The Color of Success tells of the astonishing transformation of Asians in the United States from the "yellow peril" to "model minorities"--peoples distinct from the white majority but lauded as well-assimilated, upwardly mobile, and exemplars of traditional family values--in the middle decades of the twentieth century. As Ellen Wu shows, liberals argued for the acceptance of these immigrant communities into the national fold, charging that the failure of America to live in accordance with its democratic ideals endangered the country's aspirations to world leadership.
Weaving together myriad perspectives, Wu provides an unprecedented view of racial reform and the contradictions of national belonging in the civil rights era. She highlights the contests for power and authority within Japanese and Chinese America alongside the designs of those external to these populations, including government officials, social scientists, journalists, and others. And she demonstrates that the invention of the model minority took place in multiple arenas, such as battles over zoot suiters leaving wartime internment camps, the juvenile delinquency panic of the 1950s, Hawaii statehood, and the African American freedom movement. Together, these illuminate the impact of foreign relations on the domestic racial order and how the nation accepted Asians as legitimate citizens while continuing to perceive them as indelible outsiders.
By charting the emergence of the model minority stereotype, The Color of Success reveals that this far-reaching, politically charged process continues to have profound implications for how Americans understand race, opportunity, and nationhood.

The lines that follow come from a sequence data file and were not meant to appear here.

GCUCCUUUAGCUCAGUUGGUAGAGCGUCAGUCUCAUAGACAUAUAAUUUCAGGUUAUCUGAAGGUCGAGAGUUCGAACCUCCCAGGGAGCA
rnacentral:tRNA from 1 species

Ellen D. Wu is assistant professor of history at Indiana University, Bloomington.
"The Color of Success embodies exciting developments in Asian American history. Through the lens of racial liberalism and cultural diplomacy, Ellen Wu offers a historically grounded analysis of the Asian American model minority in the contexts of domestic race politics and geopolitics, and she unveils the complexities of wartime and postwar national inclusion."--Eiichiro Azuma, University of Pennsylvania
"Tracing the history of Japanese and Chinese American racialization, this powerful and effective book illuminates the impact of war, international relations, and domestic politics through richly detailed narratives. Ellen Wu shows that the idea of Asians as the model minority began as an academic hypothesis and became a key feature for how race in the United States was conceptualized. This is an important work."--Mary L. Dudziak, author of War Time: An Idea, Its History, Its Consequences
"The Asian American journey provides a crucial angle of vision for a nation whose understanding of its own history tends toward color-blind denials or the white-black binary. Through this lens, Ellen Wu has written an important analysis of mid-twentieth-century struggle and racial liberalism. The Color of Success is an illuminating and deeply researched book--its intellectual ambition reaches to the heart of U.S. political culture."--Matthew Jacobson, Yale University
"With rich archival detail and illustrative accounts, The Color of Success offers a distinct and important contribution to the vexing question of the model minority formation of Asian Americans in the middle of the twentieth century. The book has widespread relevance to comparative race relations, the politics of acculturation, the conspicuous limits of middle-class Americanism, as well as national loyalty and race neutrality."--Nayan Shah, University of Southern California
Table of Contents:
Introduction Imperatives of Asian American Citizenship 1
Part I War and the Assimilating Other 11
Chapter 1 Leave Your Zoot Suits Behind 16
Chapter 2 How American Are We? 43
Chapter 3 Nisei in Uniform 72
Chapter 4 America's Chinese 111
Part II Definitively Not-Black 145
Chapter 5 Success Story, Japanese American Style 150
Chapter 6 Chinatown Offers Us a Lesson 181
Chapter 7 The Melting Pot of the Pacific 210
Epilogue Model Minority/Asian American 242
Archival, Primary, and Unpublished Sources 333